I made another stop motion video of one of my recent paintings of a knot.
Honoring the fiftieth anniversary of New York magazine last fall, fifty prominent New York-based artists are working with the publication to create a series of commemorative covers. The first eight designs were announced last week, including “PRUMP/TUTIN” by Barbara Kruger. The covers will be shown around New York as a public art exhibition, on view in a variety of venues across all five boroughs, complete with free prints for the first viewers to arrive.
Also this week:
- Laurie Anderson and Kronos Quartet released a new video from their forthcoming album, Landfall, inspired by Anderson’s experience of Hurricane Sandy.
- William Wegman donated 174 short videos to the Metropolitan Museum of Art, encompassing all of the artist’s video works created between 1970 and 1999.
- Finally, Lorde added an excerpt from Jenny Holzer’s 1977 Inflammatory Essays to her Grammys outfit last night as a form of protest. Lorde had considered not attending the awards because she wasn’t given the opportunity to perform solo like the other male nominees in her category for Album of the Year.
READ the rest of "This Week in Art" on the Art21 site here.
The structure of the Art21 Magazine is changing in 2018 and will be unveiled in the coming weeks. While I will no longer be writing content for the online magazine's themed issues, I will be contributing to the "This Week in Art" column for the next few months.
You can read the first weekly roundup here.
The feature story this week is the announcement of the 2018 United States Artists Fellows. The United States Artists, a Chicago-based foundation devoted to supporting the arts across nine disciplines, has named Dread Scott, Abigail DeVille and Pepón Osorio among the 45 artists and collectives comprising the 2018 fellows. A $50,000 grant accompanies the fellowship, which recognizes contributions to fields such as craft, dance, writing, and the visual arts, among others.
A belated post to announce my article about Alexandra Bell's Counternarratives series in the Art21 Magazine. Since January 2017, the artist has pasted her works around Brooklyn, exposing editorial bias in the print version of the New York Times. Others have recently reproduced her works anonymously in Washington, D.C., and Chicago.
Read the text here.
Bell's work is included in the group show, Lack of Location Is My Location, at Koenig & Clinton Gallery in Brooklyn, New York. The exhibition has been extended through January 14, 2017.
I am happy to have paintings included in the show, Social Patterns, at The Whitney Center and the Ely Center of Contemporary Art. The reception is January 20th, from 3-5 pm.
I'm very excited to have this painting on paper included in "The 2018 Flat File: Year Five" opening this Friday, December 1, from 6-9pm at Tiger Strikes Asteroid, New York. 1329 Willoughby Ave, #2A, Brooklyn, NY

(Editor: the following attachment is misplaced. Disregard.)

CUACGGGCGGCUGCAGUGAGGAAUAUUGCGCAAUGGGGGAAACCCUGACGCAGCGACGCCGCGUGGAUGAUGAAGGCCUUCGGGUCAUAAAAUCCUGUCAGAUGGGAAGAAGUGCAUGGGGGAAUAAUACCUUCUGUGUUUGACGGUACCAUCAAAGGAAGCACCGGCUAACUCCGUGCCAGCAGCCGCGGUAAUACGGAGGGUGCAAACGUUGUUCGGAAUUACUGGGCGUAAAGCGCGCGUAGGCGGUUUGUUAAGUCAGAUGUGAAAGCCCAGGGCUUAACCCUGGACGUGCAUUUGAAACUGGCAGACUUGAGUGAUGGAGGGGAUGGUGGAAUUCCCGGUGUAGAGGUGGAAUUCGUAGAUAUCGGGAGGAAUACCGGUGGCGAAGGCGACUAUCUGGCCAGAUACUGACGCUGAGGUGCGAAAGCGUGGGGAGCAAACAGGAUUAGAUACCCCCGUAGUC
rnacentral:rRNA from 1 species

The 2018 Flat File features works by: Paolo Arao, Carlos Beltran Arechiga, Caetlynn Booth, Ellen Burchenal, Emily Burns, Eddie Chu, Andrea Sherrill Evans, Jacquelyn Gleisner, Rhia Hurt, Raymie Iadevaia, Vanessa Irzyk, Chris Joy, Tricia Keightley, Songyi Kim, Rachel Klinghoffer, Alison Kudlow, Vanessa Larsen, Mary Laube, Amanda Lechner, Tonya Lee, Greg Lindquist, Elizabeth Livingston, Leeza Meksin, Bridget Mullen, Ryan Sarah Murphy, Erin Murray, Justin Plakas, Keisha Prioleau-Martin, Lauren Rice, Kristen Schiele, Jennifer Shepard, Niki Singleton, Sarah Slappey, Melinda Steffy, Catalina Viejo Lopez de Roda, Bettina Weiß, and James Woodfill.
Since 2014, the artist Stephanie Dinkins has asked the social robot BINA48 this question several times. Developed by Hanson Robotics in 2010, BINA48 was purchased by Martine Rothblatt, a futurist and self-made millionaire. The robot’s bust is modeled after Rothblatt’s partner, Bina. More than one hundred hours of Bina Rothblatt’s thoughts, memories, and beliefs were compiled to form the personality of this humanoid robot. Although the robot shares its likeness and opinions with Bina Rothblatt, Dinkins is curious how BINA48 sees herself. Can the robot learn to empathize with people?
Join me this weekend at Erector Square for City-Wide Open Studios!
Saturday and Sunday, 10/28 - 29, 12 - 6:00 p.m.
Erector Square, 315 Peck Street, Building 1, 2nd floor, Studio G, New Haven, CT
Also catch me live on the radio on Saturday morning around 11!
WPKN Live Broadcast
October 28, 11:00am - 4pm
WPKN Independent Community Radio will broadcast live from CWOS in the historic offices of A.C. Gilbert, Building 3, 3rd Floor.
Listen in on the radio at WPKN 89.5FM or online
Still making paintings on paper of different knotted forms...
This year I am teaching at the University of New Haven and the school produces its own news program called the Charger Bulletin. A journalism student interviewed me and my colleague David Livingston about our works in the Seton Gallery. Here's the link.
I'm delighted to be included in the New Faculty show "At Work" at the University of New Haven's Seton Gallery. Join me for the opening Reception next Wednesday, October 4th from 4 - 7 p.m.
Through October 12th
Featuring works by David Livingston, Jacquelyn Gleisner, Caroline Valites, Serdar Arat, and Luis Victori
Seton Gallery, University of New Haven, Dodds Hall, 300 Boston Post Road, New Haven, CT